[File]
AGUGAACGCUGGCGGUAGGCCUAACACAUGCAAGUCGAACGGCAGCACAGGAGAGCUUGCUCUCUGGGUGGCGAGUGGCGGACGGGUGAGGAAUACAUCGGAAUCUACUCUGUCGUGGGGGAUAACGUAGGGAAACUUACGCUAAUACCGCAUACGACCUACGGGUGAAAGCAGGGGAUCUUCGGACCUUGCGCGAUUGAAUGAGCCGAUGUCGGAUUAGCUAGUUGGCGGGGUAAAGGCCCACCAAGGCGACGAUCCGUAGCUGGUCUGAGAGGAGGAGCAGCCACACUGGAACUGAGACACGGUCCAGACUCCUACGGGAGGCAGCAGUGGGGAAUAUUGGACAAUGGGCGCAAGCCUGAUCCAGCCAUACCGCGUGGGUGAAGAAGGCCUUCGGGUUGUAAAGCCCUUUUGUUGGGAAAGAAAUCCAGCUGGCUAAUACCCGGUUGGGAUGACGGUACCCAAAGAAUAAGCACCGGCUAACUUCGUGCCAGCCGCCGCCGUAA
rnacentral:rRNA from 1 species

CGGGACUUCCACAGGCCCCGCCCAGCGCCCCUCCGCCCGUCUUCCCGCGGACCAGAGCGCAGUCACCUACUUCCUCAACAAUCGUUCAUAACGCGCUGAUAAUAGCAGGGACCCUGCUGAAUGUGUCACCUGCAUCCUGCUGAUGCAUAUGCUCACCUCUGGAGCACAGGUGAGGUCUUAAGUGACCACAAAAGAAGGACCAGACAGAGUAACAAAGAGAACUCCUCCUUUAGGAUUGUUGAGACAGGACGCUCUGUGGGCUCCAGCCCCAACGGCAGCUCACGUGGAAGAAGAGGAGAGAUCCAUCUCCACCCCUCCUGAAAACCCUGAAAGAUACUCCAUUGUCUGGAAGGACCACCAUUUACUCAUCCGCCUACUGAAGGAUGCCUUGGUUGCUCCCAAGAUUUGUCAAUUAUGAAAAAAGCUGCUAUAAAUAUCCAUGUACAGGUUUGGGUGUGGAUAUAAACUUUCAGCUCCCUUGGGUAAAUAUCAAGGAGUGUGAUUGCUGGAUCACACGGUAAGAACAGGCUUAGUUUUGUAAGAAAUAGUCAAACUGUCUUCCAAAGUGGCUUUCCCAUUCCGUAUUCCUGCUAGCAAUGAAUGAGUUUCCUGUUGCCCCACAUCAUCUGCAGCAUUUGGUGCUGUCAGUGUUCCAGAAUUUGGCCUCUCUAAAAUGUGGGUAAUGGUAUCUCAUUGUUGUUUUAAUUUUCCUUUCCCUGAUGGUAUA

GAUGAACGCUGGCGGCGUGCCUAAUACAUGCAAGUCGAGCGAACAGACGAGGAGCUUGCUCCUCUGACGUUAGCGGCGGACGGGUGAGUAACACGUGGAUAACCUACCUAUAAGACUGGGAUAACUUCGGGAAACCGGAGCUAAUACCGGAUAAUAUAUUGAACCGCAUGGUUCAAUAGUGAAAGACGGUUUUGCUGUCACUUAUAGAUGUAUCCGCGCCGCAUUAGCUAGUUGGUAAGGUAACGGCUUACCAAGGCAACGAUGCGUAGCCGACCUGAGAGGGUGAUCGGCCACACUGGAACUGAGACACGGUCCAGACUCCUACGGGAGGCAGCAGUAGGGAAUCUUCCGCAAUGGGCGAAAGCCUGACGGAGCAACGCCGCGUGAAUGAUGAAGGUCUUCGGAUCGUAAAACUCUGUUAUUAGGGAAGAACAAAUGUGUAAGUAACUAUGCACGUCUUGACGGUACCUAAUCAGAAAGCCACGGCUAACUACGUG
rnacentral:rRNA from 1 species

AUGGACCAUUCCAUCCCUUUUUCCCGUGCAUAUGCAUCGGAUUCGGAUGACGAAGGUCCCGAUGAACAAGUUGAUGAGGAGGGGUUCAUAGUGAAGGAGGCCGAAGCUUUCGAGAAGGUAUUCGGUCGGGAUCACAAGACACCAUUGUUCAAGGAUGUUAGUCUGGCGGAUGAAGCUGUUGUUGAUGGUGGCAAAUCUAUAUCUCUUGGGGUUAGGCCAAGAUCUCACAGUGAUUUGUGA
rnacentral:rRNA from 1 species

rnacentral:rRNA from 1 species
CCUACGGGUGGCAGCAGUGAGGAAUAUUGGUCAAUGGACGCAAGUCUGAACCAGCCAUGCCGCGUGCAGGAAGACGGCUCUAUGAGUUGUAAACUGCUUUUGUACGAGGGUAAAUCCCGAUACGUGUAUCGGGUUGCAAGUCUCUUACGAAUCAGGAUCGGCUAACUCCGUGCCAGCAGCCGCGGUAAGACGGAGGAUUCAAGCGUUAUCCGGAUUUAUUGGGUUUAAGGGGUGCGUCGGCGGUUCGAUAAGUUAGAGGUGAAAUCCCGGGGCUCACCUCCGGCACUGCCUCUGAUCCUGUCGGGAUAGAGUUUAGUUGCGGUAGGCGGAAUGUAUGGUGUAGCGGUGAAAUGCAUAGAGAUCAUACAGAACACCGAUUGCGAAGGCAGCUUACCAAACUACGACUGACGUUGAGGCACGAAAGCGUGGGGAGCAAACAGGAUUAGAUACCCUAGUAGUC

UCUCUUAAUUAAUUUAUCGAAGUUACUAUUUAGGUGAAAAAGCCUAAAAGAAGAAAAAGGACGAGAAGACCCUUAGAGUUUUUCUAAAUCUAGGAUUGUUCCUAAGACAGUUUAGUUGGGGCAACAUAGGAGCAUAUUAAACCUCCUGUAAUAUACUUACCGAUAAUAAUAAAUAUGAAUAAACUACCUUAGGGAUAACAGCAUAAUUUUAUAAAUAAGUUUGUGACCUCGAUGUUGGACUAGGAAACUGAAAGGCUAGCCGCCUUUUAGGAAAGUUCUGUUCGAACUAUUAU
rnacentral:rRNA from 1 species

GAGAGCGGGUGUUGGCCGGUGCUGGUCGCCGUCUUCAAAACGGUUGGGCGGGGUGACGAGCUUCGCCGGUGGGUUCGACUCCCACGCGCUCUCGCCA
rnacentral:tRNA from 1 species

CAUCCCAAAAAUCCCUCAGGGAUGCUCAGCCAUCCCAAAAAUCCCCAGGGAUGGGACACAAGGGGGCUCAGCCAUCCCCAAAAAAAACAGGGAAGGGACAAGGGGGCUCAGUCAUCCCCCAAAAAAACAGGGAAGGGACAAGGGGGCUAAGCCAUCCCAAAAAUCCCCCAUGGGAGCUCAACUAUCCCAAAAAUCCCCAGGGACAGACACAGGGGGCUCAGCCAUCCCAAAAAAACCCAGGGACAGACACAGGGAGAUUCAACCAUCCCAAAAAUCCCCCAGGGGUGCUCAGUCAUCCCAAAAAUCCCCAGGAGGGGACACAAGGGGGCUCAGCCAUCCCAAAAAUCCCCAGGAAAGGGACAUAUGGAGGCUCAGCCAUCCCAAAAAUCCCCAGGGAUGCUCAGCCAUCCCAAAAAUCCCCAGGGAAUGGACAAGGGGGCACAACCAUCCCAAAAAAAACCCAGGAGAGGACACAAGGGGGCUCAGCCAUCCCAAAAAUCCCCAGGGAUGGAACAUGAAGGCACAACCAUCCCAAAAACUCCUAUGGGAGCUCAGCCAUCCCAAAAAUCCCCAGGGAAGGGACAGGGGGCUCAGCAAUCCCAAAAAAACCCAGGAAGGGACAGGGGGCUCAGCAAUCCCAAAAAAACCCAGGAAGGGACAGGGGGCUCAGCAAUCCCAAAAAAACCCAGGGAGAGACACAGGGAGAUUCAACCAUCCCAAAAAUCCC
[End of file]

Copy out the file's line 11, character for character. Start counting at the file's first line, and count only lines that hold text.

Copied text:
rnacentral:rRNA from 1 species